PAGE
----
Gender Bias

Cynthia Nixon's Thermostat Request Is One Many Working Women Can Relate to

The New York gubernatorial candidate's team asked that the room for tonight's debate against sitting governor Andrew Cuomo be set at 76 degrees.
Cynthia Nixon's Thermostat Request Is One Many Working Women Can Relate to
Image credit: Drew Angerer | Getty Images
Entrepreneur Staff
Associate Editor
3 min read

Tonight, the two Democratic candidates for New York state governor will go head to head in a political debate. One issue they’re split on isn’t part of either of their campaign platforms, though it’s probably something you and your co-workers have bickered about at some point this summer: air conditioning.

New York Gov. Andrew Cuomo has a longstanding reputation for requesting that the thermostat be set on the low side whenever he gives a big speech. The staff of Cynthia Nixon, Cuomo’s challenger, are aware of this preference. Erring on the side of sweating over shivering, a representative from Nixon’s team has asked that the temperature in the room at Hofstra University, where tonight’s debate will be broadcast from, be set to 76 degrees.

Nixon campaign strategist Rebecca Katz wrote this request in an email to debate host WCBS-TV, explaining that offices are “notoriously sexist when it comes to room temperature,” according to The New York Times.

Related: Netflix-Like Recommendations May Be in Store for Workplace Benefits

Katz clarified to the Times that the 76-degree request wasn’t meant to be taken hard and fast. Rather, she wanted to make sure that the room wouldn’t be unbearably frigid. But her “notoriously sexist” assertion about workplaces generally is one backed up by scientific researchers.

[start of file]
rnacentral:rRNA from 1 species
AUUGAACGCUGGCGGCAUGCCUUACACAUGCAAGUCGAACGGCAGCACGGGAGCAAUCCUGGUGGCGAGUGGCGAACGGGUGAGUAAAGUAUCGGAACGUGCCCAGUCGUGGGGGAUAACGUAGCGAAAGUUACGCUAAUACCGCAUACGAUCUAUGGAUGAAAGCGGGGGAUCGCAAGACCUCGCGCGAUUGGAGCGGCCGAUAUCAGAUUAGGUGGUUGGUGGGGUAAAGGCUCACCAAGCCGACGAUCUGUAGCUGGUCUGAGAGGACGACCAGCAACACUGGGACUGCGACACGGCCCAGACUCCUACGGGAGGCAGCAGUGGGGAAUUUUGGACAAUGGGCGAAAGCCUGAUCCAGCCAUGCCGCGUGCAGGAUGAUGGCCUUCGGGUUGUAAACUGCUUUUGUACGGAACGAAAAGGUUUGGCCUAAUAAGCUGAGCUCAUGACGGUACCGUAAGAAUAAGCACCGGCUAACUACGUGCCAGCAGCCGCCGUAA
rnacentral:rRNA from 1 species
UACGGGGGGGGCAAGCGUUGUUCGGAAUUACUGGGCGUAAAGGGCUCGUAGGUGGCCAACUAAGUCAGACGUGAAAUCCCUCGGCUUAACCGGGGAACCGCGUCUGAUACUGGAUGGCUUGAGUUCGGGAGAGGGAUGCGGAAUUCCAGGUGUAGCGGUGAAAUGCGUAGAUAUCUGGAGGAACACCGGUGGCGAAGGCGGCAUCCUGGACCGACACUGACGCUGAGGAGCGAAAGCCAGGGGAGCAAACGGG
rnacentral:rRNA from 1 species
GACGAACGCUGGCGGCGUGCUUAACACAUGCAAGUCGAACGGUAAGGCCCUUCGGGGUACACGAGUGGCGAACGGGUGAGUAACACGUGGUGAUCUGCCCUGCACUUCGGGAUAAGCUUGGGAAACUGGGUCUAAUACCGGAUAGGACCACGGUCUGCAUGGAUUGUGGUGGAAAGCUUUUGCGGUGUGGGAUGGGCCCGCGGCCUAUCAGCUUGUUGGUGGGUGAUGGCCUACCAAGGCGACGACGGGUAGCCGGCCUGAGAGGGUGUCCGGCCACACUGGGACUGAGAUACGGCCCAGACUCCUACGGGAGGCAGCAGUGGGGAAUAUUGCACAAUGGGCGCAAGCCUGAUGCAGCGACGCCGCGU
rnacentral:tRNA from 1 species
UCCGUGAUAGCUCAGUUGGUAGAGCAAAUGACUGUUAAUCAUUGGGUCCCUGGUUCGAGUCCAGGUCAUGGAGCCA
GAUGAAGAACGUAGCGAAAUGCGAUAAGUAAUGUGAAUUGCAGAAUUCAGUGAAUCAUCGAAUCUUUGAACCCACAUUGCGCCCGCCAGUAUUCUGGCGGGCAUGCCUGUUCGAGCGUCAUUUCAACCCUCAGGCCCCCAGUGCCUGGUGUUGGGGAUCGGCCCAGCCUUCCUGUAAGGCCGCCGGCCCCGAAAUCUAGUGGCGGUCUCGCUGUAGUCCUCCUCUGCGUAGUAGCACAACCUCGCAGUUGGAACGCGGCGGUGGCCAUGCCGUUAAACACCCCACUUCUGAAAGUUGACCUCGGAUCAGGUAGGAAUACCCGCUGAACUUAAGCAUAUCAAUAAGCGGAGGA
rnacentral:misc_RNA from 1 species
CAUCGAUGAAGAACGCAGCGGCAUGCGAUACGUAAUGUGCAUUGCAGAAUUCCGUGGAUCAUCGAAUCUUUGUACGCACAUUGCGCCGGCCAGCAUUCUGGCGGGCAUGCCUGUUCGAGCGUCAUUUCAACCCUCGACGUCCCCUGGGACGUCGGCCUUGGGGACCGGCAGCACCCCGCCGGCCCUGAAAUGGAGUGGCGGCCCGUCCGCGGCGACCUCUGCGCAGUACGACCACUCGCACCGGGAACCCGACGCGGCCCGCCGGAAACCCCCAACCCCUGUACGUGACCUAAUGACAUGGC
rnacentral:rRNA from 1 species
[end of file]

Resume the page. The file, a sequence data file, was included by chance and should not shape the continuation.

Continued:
Physiologically, men thrive in and prefer cooler temperatures than women do, according to a study published in the journal Nature Climate Change in 2015. It concluded that workplace thermostats skew cooler accordingly, but that the reasoning for this is outdated.

“Indoor climate regulations are based on an empirical thermal comfort model that was developed in the 1960s,” the study’s abstract reads. “Standard values for one of its primary variables -- metabolic rate -- are based on an average male, and may overestimate female metabolic rate by up to 35 percent.”

In other words, more men than women worked in the 1960s. Men’s metabolic rates cause them to feel warmer than women do, in the aggregate. And now, many office temperatures are more suitable for men than for women.

Then there’s the element of dress code: In professional settings, it’s standard for men to wear long pants, even in the summer, while women are often permitted to wear dresses that leave their arms and legs uncovered. So that might be another reason why women get chilly when the A/C is on full blast.

Related: Creating Your Own Ideal Temperature Zone Is a First-World Office Perk in a Far-Fetched Utopia

Companies have a hard time pleasing all of their employees. Sally wants almond milk in stock for her coffee. Ken wants a standing desk. Individual preferences are one thing, but when it comes to aspects that affect everyone -- like room temperature -- compromising can be tricky.

Still, it’s important for companies to question why conditions are the way they are, versus maintaining them just because “that’s the way things have always been.” The reasoning behind them might stem from some form of bias, gender or otherwise.

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